... from its recess, the indignant Spaniards dragged it into the open air, and there broke it into a hundred fragments. The place was then purified, and a large cross, made of stone and plaster, was erected on the spot. In a few years the walls of the temple were pulled down by the Spanish settlers, who found there a convenient quarry for their own edifices. But the cross still remained spreading its broad arms over the ruins. It stood where it was planted in the very ...
— The History Of The Conquest Of Peru • William H. Prescott

... is somehow ludicrous? Perhaps it is made more so in this country by the splendid appearance of the liveried domestics of great people. When you think that we dress in black ourselves, and put our fellow-creatures in green, pink, or canary-colored breeches; that we order them to plaster their hair with flour, having brushed that nonsense out of our own heads fifty years ago; that some of the most genteel and stately among us cause the men who drive their carriages to put on little Albino wigs, and sit behind great ...
— Roundabout Papers • William Makepeace Thackeray

... with the assistance of a common carpenter and plasterer, a large globe of lath and plaster may be made for the instruction and entertainment of a numerous family of children. Upon this they should leisurely delineate from time to time, by their given latitudes and longitudes, such places as they become acquainted with in reading or conversation. The capital city, for instance, of ...
— Practical Education, Volume II • Maria Edgeworth

... council-chambers,—where some lamp Drives the unbroken black three paces off From where the greybeards huddle in debate, Dim cowls and capes, and midmost glimmers one Like tarnished gold, and what they say is doubt, And what they think is fear, and what suspends The breath in them is not the plaster-patch Time disengages from the painted wall Where Rafael moulderingly bids adieu, Nor tick of the insect turning tapestry To dust, which a queen's finger traced of old; But some word, resonant, redoubtable, Of who once ...
— An Introduction to the Study of Browning • Arthur Symons

... forward) You thought no doubt to spite me! That to this Royal Christening you did not invite me! BUT—(Mrs. Kean: "You must plaster that 'but' on the white wall at the back of the gallery.")— But on this puling brat revenged I'll be! My fiery dragon there shall have ...
— The Story of My Life - Recollections and Reflections • Ellen Terry

... all, the only really tangible thing we possess is man's Will; and let the presence and action of that be withdrawn but for a few moments, and that mysterious Something which we vainly endeavor to push off into the Void by our pompous nothings of brick and plaster and stone closes down upon us with the descending sky, writing Delendum on all behind us, Unknown on all before. At that time, the only actual Now, that stands between these two infinite blanks, becomes identical with the mind itself, independent of accidents of situation ...
— Atlantic Monthly, Vol. 5, No. 30, April, 1860 • Various

... if necessary, the application of soothing ointments or lotions; in bed-sores, soap plaster, plain or with one to five per cent. ...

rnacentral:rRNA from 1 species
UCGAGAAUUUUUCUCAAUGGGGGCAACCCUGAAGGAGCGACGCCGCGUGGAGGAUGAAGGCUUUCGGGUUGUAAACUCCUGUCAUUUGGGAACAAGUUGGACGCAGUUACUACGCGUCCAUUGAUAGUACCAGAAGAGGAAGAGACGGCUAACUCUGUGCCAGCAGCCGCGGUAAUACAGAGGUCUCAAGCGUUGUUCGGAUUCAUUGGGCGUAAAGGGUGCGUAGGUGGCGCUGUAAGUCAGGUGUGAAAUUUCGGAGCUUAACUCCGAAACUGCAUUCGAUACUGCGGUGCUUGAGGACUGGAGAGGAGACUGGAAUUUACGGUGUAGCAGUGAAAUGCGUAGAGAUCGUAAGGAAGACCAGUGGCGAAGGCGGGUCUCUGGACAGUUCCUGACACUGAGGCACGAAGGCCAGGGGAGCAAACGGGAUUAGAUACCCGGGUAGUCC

— Essentials of Diseases of the Skin • Henry Weightman Stelwagon

... it was safe from such enemies as he. You may wonder what his rigmarole, his amateur Paganini performances on one string or on twenty, have to do with your planting, and yet prefer it to leached ashes or plaster. It was a cheap sort of top dressing in which I ...
— The Last Harvest • John Burroughs

... for, with legs crossed, There sat, playing on his fiddle, Schwefelhans, the violinist; And in wild and boisterous dances Were the Hauenstein young peasants Twirling round their buxom partners. Groaning was the floor, and shaking 'Neath their feet and heavy stamping, From the walls the plaster falling, So uproarious was their shouting. From afar, with turned-up noses, Many dandies looked on sneering; Yet, within themselves were thinking: ...
— The Trumpeter of Saekkingen - A Song from the Upper Rhine. • Joseph Victor von Scheffel

... necessary in coins. For the rendering of all such frank relief, and for the better explanation of forms disturbed by the luster of metal or polished stone, the method employed in the plates of this volume will be found, I believe, satisfactory. Casts are first taken from the coins, in white plaster; these are photographed, and the photograph printed by the autotype process. Plate XII. is exceptional, being a pure mezzotint engraving of the old school, excellently carried through by my assistant, Mr. Allen, who was taught, as a personal ...
— Aratra Pentelici, Seven Lectures on the Elements of Sculpture - Given before the University of Oxford in Michaelmas Term, 1870 • John Ruskin

... rickety wooden platforms which extend for half a mile or more along the harbor's edge. A little higher up, fronting on a parade ground which looks from the distance like a huge green rug spread in the sun to air, are the government offices, low structures of frame and plaster, designed so as to admit a maximum of air and a minimum of heat; the long, low building of the Planters Club, encircled by deep, cool verandahs; a Chinese joss-house, its facade enlivened by grotesque and brilliantly colored carvings; and a down-at-heels ...
— Where the Strange Trails Go Down • E. Alexander Powell

... hastily sewn up after autopsy, repaired, and washed by the moss-covered watchman and his mates. What affair was it of theirs if, at times, the brain got into the stomach; while the skull was stuffed with the liver and rudely joined with the help of sticking plaster to the head? The watchmen had grown used to everything during their night-marish, unlikely, drunken life; and, by the bye, almost never did their voiceless clients prove to have ...
— Yama (The Pit) • Alexandra Kuprin